“Years of hearing therapy have taught me a lot,” she said.
First, she tries to always look whomever she is speaking with directly in the eye.
“It helps,” she said, “but if they are talking quietly and I cannot see their mouth, it only helps a little.”
Tan agrees, adding that facing a person can also help remove some of what is a big challenge for the hearing impaired: background noise.
And whenever possible, Tan said, speak one-on-one rather than to a circle of people.
“It’s just better for focusing and actually hearing,” she said.
Carroll has also taken to backing up 10 feet from the person speaking and saying, “Are you comfortable removing your mask for a moment so I can hear you?”
She doesn’t like making this request, but says it’s a necessity.
“It’s an awkward thing in an awkward time,” Carroll said.
Abel has been counseling her clients to consider wearing a mask with “hearing impaired” written on it to help people know you might need extra help.
Like Carroll, she suggests looking a person in the eye and using their name, even if it’s from a name tag.
“This helps make sure that you have their attention,” she said.
Abel also suggests asking the speaker to not just speak louder but lower.
“Lower, slower, and louder. That’s the key,” she said. “When people are asked to speak louder, they almost automatically speak in a higher pitch. Most people with hearing loss have high-frequency hearing loss, so asking someone to speak louder and lower helps.”
Abel has another tip: Use a connector to hold the mask across the back of your head rather than hook it on your ears. Ear hooks, she said, have been a major trouble spot in mask wearing for the hearing impaired.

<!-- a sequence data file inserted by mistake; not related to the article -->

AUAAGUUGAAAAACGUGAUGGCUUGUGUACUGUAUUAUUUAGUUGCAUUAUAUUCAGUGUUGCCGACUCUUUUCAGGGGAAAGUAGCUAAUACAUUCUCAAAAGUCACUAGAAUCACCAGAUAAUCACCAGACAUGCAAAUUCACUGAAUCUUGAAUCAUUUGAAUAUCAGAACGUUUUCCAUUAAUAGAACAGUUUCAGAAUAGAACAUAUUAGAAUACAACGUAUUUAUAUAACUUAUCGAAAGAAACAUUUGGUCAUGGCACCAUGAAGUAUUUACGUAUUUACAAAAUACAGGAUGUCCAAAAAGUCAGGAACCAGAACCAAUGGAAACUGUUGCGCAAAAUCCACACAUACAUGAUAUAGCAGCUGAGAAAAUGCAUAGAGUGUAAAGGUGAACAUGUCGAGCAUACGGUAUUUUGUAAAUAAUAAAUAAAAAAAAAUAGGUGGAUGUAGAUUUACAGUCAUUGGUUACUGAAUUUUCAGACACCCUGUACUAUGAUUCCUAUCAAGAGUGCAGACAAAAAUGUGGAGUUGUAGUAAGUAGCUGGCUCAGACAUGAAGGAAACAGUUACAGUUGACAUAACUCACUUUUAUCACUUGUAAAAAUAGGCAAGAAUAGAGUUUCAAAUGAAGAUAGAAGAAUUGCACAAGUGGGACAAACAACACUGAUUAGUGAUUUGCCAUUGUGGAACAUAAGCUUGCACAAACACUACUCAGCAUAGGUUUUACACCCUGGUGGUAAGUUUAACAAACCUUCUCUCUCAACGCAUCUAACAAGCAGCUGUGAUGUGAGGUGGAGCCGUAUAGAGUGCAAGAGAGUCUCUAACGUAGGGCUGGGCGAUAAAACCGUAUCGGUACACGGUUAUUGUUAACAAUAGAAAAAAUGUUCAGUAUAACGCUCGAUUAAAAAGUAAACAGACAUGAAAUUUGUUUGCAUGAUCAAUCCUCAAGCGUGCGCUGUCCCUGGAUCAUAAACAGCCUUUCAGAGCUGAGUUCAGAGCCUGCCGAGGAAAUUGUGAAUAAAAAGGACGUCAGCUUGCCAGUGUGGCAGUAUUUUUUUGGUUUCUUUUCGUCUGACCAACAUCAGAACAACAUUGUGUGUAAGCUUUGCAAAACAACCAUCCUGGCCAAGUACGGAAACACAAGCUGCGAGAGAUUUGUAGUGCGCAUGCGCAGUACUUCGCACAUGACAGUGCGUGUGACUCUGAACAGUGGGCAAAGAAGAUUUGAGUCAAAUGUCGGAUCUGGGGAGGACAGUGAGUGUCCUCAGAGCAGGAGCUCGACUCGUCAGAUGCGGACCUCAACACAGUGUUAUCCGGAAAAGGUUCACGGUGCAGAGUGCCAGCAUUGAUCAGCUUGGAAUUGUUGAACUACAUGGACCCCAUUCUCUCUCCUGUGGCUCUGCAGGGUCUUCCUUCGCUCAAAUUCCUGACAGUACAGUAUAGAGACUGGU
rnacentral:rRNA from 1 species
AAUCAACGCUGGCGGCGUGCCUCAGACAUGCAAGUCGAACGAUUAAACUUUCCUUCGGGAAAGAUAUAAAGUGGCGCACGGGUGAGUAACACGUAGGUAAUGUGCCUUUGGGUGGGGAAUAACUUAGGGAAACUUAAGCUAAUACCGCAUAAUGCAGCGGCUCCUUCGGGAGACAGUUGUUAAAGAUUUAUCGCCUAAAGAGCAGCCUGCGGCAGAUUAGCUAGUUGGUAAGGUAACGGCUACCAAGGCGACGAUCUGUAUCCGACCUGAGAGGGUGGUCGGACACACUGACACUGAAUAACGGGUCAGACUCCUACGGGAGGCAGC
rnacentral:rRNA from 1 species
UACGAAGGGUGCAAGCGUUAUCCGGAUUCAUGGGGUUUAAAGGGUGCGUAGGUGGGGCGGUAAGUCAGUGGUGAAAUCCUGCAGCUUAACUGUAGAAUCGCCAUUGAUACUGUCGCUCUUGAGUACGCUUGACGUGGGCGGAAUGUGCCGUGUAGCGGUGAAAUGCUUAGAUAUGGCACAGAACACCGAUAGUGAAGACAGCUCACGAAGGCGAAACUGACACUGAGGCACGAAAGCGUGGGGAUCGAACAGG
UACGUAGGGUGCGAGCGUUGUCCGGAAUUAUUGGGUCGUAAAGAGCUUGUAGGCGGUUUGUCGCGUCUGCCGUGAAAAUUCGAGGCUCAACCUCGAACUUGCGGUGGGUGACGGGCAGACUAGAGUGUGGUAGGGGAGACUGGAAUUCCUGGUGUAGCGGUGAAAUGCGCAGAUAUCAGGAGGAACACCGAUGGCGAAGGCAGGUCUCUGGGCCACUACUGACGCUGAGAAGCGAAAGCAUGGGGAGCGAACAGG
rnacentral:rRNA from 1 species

“Hearing aids,” she said. “They’re getting lost left and right.”
By avoiding pulling at your ears for the mask, you can prevent that.
“People who wear hearing aids and glasses, there’s a lot going on back there behind the ears,” she said. “There are a lot of lost hearing aids lately.”
Tan has worn hearing aids since she was 5 years old and wants people to understand that is not a total solution.
“It’s important for people to know that hearing aids are not a cure for hearing loss but just a help,” she said.
“Lip reading is something I’ve relied heavily on my entire life,” she added. “It’s not a natural thing. It’s a skill you need to learn. A therapist taught me early on.”
She suggests that any person with hearing loss who is struggling see an audiologist for tips as well as to help them brush up on skills.
“We really need them all out there now,” she said.
Tan also suggests, when you can, bringing along a frequent communication partner, as Baugher does, for places you may expect to be challenging, such as supermarkets.
It’s also safe to type out something on your phone and show it to the person you’re trying to hear, helping them realize they could do the same.
Abel said that clear masks are available on the market and at audiology offices.
Baugher asked that people have patience when communicating with someone with hearing loss.
“Don’t say ‘never mind’ and just walk away,” she said. “It’s very dismissive and makes us feel less important.”
Which brings up Tan’s top tip: Be your own best advocate.
That’s a sticking point in the hearing world.
“I hate asking people to speak up, or move in a way or whatever I need to hear them,” said Carroll. “I really hate it. It’s just one of those things.”
“It’s really anxiety-provoking,” said Tan. “Across the board, anyone with hearing loss will tell you they absolutely hate that.
“Now? Every single situation feels like that,” she said. “It’s crazy.”
The solution? Lean into it.
“You have to be your own best advocate. If you don’t do it, who will?” Tan said. “These are unusual times. The best thing we can do as a community is step up and let people know what we need. It’s worth it when you can hear. It really is.”